By Susan Davis
WASHINGTON -- The U.S. House approved, on a mostly party-line (215-195) vote, a $5.9 billion bill to maintain low interest rates for Stafford student loans, paying for it by slashing funds for a provision of President Obama's health care law.
Thirty Republican lawmakers voted against the bill, while 14 Democrats voted for it.
The legislation was fueled by politics after President Obama this week traveled to three college campuses in battleground states attacking Republicans for paying "lip service" to the issue of rising interest rates but not acting.
House Speaker John Boehner, R-Ohio, responded angrily to the accusation and said Obama was "wasting time on a fake fight" because Republicans intended to vote to protect the student loan rates before they expire in July. But the speaker's decision to move immediately to the bill ahead of a week-long congressional recess signaled concern over Republican vulnerability to the president's attack.
Unless Congress acts, the current 3.4% interest rate for Stafford loans would double on July 1. According to the most recent data for the 2010-11 school year, about 7.5 million undergraduates benefit from Stafford loans to pay for college. The Obama campaign is particularly keen on appealing to young voters this year. In 2008, he won 66% of 18- to 29-year-old voters -- a percentage he would like to duplicate this year in his campaign against former Massachusetts governor Mitt Romney, the presumptive GOP presidential nominee.
Both parties broadly agree that the rate should be extended for one year, but they do not agree on how to pay for it. It is a scenario that has played out repeatedly in this Congress.
Republicans would pay for the cost of the loan extension by cutting funds from the Prevention and Public Health Fund (PPHF), a $15 billion fund created under the health care law to help states and localities pay for everything from anti-obesity campaigns to cancer screenings.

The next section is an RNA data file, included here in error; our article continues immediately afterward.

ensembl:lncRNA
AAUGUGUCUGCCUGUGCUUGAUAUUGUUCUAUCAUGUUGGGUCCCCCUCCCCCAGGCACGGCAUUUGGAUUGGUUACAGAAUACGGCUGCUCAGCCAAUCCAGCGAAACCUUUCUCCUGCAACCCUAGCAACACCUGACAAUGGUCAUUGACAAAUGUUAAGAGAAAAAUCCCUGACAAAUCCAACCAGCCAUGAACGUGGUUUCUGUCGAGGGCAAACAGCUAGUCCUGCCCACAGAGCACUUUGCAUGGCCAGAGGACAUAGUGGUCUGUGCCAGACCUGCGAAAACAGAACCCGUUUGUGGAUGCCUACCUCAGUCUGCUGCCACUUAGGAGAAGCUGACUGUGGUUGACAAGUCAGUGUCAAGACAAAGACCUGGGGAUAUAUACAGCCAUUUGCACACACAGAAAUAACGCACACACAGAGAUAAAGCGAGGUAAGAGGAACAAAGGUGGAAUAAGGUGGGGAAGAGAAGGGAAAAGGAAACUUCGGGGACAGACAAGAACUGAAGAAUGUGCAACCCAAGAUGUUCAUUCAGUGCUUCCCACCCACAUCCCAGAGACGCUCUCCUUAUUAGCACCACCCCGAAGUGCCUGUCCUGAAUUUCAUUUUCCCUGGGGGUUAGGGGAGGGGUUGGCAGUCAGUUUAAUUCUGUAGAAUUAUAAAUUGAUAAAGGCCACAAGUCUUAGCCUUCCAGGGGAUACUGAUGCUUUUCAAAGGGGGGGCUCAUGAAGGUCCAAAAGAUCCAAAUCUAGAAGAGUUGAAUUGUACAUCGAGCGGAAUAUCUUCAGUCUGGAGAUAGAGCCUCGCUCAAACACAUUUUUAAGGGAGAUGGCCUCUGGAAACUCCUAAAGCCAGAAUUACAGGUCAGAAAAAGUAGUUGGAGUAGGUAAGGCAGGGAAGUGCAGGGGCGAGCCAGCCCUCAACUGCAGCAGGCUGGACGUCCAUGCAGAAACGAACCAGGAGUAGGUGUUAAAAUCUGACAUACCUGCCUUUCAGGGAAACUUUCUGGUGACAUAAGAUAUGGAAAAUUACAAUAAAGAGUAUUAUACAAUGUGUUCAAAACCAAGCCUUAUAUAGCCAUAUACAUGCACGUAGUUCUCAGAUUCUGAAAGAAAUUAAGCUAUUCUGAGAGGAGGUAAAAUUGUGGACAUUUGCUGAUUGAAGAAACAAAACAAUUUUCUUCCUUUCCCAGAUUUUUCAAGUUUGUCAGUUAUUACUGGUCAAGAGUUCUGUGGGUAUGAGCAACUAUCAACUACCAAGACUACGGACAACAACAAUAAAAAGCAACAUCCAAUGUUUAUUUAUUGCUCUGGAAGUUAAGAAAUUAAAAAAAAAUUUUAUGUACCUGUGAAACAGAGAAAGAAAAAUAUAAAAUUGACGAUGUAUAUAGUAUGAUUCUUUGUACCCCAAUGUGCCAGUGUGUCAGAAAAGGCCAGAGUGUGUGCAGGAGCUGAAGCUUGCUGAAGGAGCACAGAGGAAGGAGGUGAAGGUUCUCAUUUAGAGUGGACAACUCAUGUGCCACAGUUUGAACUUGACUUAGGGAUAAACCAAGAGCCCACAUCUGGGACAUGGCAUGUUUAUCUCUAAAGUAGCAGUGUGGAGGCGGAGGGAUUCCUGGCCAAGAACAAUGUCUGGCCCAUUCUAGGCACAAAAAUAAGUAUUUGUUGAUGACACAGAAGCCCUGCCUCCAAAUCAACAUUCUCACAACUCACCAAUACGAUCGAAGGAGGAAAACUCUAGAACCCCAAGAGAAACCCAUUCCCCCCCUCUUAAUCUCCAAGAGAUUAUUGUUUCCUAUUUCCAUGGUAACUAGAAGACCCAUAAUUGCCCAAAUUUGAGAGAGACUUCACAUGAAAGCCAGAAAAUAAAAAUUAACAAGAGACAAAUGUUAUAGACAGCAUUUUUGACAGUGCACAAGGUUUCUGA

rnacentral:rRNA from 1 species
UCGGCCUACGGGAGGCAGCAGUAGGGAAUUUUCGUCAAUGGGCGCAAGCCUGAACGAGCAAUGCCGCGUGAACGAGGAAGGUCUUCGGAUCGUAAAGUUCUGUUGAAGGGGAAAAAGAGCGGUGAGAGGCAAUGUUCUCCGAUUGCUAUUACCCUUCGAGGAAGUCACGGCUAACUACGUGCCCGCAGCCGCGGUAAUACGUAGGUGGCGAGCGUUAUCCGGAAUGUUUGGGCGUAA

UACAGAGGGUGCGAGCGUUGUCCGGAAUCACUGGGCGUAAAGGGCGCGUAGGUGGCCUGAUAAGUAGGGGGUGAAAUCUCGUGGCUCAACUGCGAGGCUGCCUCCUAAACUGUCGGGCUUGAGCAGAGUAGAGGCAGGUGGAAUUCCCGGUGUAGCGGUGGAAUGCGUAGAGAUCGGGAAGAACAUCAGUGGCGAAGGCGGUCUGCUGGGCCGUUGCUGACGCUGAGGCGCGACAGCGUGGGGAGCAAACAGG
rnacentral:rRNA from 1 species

Congress already dipped into the fund to use $5 billion to pay for the payroll tax cut extension package earlier this year, but congressional Democrats opposed the student loan bill on Friday because they contend further cuts would undermine health care access, particularly to women.
Surrounded by female lawmakers, Minority Leader Nancy Pelosi, D-Calif., on Friday called the bill a "continuation of the assault on women's health" because the fund helps provide services to women, including mammograms and pregnancy-related care. Instead, Pelosi said Congress should pay for the loan rates by eliminating tax subsidies for oil companies.
Rep. Gwen Moore, D-Wis., accused Republicans of sexism in their fiscal policies. "We are seeing the sheer gender bias in this institution against meeting women's needs," she said. On the House floor before the vote, Boehner said accusations that Republicans were trying to cut women's health was "absolutely not true" and decried the tone of the debate. "People want to politicize this because it's an election year, but, my God, do we have to fight about everything?" he said.
Michael Steel, a spokesman for Boehner, noted that Pelosi was among the 147 House Democrats who voted for the payroll tax bill that included cuts from the same fund, and said Democrats were just trying to score political points. "Gender has nothing to do with this debate," said Steel, further noting that Obama's 2013 budget also included a $4 billion cut to the PPHF.
Democrats have found a potent attack against Republicans highlighting women's issues, sparked in large part by the national debate over contraception coverage and GOP efforts to reduce funds for programs like Planned Parenthood. A USA TODAY/Gallup Poll this month showed Obama leading Romney in a dozen battleground states based largely on a shift in women voters to the president's side.
The House-passed bill has given the GOP a counter-punch to Obama's attacks, but it stands no chance of passage. The Obama administration issued a veto threat on Friday even before the House passed it, and Senate Majority Harry Reid, D-Nev., opposes it.
Senate Democrats will vote May 8 on their legislation to extend the Stafford loan rates by closing a tax loophole that allows wealthy Americans making over $250,000 to skirt Medicare taxes on their earnings, which Reid's office said would save $6 billion over 10 years.